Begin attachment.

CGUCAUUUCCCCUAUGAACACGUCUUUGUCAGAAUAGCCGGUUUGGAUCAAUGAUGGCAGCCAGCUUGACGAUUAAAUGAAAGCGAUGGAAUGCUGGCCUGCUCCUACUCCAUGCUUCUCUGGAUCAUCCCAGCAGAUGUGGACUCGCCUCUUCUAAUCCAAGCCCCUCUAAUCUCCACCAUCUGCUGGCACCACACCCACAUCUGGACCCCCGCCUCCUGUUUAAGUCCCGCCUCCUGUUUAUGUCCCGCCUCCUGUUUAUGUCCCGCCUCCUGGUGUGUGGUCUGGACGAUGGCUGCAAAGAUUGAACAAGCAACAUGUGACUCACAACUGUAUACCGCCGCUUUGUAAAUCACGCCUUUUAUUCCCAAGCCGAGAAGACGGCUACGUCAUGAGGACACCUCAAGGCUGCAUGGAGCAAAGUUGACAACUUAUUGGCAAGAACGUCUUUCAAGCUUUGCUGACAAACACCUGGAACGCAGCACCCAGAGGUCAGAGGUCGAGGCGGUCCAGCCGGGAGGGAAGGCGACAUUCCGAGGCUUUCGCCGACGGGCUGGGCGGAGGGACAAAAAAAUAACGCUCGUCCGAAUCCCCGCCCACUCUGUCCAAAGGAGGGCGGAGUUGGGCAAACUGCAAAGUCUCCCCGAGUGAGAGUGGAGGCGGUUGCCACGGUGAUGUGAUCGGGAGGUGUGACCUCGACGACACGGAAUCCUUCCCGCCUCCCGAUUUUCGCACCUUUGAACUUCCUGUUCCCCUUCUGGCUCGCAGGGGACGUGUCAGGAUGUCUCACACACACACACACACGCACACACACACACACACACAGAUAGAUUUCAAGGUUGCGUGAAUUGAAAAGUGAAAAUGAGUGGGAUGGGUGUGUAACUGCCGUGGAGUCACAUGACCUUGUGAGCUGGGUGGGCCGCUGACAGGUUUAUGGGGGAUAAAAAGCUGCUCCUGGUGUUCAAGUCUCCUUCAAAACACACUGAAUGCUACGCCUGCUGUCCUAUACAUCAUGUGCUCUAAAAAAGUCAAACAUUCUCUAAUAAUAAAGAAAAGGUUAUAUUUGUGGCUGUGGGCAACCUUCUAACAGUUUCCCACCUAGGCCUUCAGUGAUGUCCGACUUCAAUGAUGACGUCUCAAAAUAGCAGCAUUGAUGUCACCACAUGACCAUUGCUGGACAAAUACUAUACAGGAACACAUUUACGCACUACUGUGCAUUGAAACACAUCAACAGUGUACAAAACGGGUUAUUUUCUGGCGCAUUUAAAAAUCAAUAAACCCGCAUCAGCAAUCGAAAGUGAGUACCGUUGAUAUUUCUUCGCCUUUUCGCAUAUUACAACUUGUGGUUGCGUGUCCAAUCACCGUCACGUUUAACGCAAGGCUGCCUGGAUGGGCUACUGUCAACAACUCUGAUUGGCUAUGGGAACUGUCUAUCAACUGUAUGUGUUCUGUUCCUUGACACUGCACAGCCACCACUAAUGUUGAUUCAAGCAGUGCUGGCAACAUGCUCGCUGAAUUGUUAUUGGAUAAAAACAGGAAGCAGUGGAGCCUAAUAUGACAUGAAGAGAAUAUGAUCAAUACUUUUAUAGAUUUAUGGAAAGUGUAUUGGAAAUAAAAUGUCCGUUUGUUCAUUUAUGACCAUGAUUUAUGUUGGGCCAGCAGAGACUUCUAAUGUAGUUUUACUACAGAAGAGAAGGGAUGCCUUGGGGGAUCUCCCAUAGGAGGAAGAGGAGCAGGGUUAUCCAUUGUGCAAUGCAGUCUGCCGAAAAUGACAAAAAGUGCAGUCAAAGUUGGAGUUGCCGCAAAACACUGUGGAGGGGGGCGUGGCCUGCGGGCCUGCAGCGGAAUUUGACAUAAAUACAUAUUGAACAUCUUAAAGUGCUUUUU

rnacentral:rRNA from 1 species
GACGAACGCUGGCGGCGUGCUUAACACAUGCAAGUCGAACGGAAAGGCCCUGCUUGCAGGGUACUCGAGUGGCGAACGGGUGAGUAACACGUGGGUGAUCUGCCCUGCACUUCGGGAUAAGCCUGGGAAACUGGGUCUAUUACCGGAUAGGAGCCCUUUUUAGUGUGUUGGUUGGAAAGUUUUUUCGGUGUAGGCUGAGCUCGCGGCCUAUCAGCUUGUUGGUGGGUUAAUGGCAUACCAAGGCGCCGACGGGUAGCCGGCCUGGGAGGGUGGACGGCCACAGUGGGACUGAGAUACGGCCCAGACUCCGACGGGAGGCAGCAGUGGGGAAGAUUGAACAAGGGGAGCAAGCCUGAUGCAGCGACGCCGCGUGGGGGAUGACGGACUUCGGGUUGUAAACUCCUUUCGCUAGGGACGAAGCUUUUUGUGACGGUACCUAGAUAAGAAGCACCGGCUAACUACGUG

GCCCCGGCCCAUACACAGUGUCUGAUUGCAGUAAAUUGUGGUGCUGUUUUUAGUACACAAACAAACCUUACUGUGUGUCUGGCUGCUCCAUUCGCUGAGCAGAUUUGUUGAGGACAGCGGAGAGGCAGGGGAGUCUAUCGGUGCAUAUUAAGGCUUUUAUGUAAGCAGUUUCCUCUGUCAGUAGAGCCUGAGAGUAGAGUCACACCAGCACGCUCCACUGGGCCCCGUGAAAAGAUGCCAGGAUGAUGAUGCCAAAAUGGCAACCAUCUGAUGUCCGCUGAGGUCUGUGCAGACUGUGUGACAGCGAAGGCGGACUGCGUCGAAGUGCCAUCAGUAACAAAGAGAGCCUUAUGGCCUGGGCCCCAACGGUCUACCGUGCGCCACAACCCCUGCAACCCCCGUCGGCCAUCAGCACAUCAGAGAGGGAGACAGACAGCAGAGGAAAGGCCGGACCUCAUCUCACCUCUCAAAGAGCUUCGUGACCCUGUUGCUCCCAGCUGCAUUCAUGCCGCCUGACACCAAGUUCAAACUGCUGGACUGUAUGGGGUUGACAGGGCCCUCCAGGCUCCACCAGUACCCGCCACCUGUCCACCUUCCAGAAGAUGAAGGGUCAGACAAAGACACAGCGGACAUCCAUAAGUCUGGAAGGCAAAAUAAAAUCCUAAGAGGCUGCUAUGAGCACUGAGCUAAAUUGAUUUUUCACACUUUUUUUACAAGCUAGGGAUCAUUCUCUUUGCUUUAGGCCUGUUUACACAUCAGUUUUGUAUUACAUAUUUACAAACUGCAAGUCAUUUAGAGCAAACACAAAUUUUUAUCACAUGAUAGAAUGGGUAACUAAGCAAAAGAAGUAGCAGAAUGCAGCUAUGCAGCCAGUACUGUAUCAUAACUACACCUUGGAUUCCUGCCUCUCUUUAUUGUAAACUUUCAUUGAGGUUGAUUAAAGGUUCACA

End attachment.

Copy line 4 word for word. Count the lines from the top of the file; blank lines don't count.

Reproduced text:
GCCCCGGCCCAUACACAGUGUCUGAUUGCAGUAAAUUGUGGUGCUGUUUUUAGUACACAAACAAACCUUACUGUGUGUCUGGCUGCUCCAUUCGCUGAGCAGAUUUGUUGAGGACAGCGGAGAGGCAGGGGAGUCUAUCGGUGCAUAUUAAGGCUUUUAUGUAAGCAGUUUCCUCUGUCAGUAGAGCCUGAGAGUAGAGUCACACCAGCACGCUCCACUGGGCCCCGUGAAAAGAUGCCAGGAUGAUGAUGCCAAAAUGGCAACCAUCUGAUGUCCGCUGAGGUCUGUGCAGACUGUGUGACAGCGAAGGCGGACUGCGUCGAAGUGCCAUCAGUAACAAAGAGAGCCUUAUGGCCUGGGCCCCAACGGUCUACCGUGCGCCACAACCCCUGCAACCCCCGUCGGCCAUCAGCACAUCAGAGAGGGAGACAGACAGCAGAGGAAAGGCCGGACCUCAUCUCACCUCUCAAAGAGCUUCGUGACCCUGUUGCUCCCAGCUGCAUUCAUGCCGCCUGACACCAAGUUCAAACUGCUGGACUGUAUGGGGUUGACAGGGCCCUCCAGGCUCCACCAGUACCCGCCACCUGUCCACCUUCCAGAAGAUGAAGGGUCAGACAAAGACACAGCGGACAUCCAUAAGUCUGGAAGGCAAAAUAAAAUCCUAAGAGGCUGCUAUGAGCACUGAGCUAAAUUGAUUUUUCACACUUUUUUUACAAGCUAGGGAUCAUUCUCUUUGCUUUAGGCCUGUUUACACAUCAGUUUUGUAUUACAUAUUUACAAACUGCAAGUCAUUUAGAGCAAACACAAAUUUUUAUCACAUGAUAGAAUGGGUAACUAAGCAAAAGAAGUAGCAGAAUGCAGCUAUGCAGCCAGUACUGUAUCAUAACUACACCUUGGAUUCCUGCCUCUCUUUAUUGUAAACUUUCAUUGAGGUUGAUUAAAGGUUCACA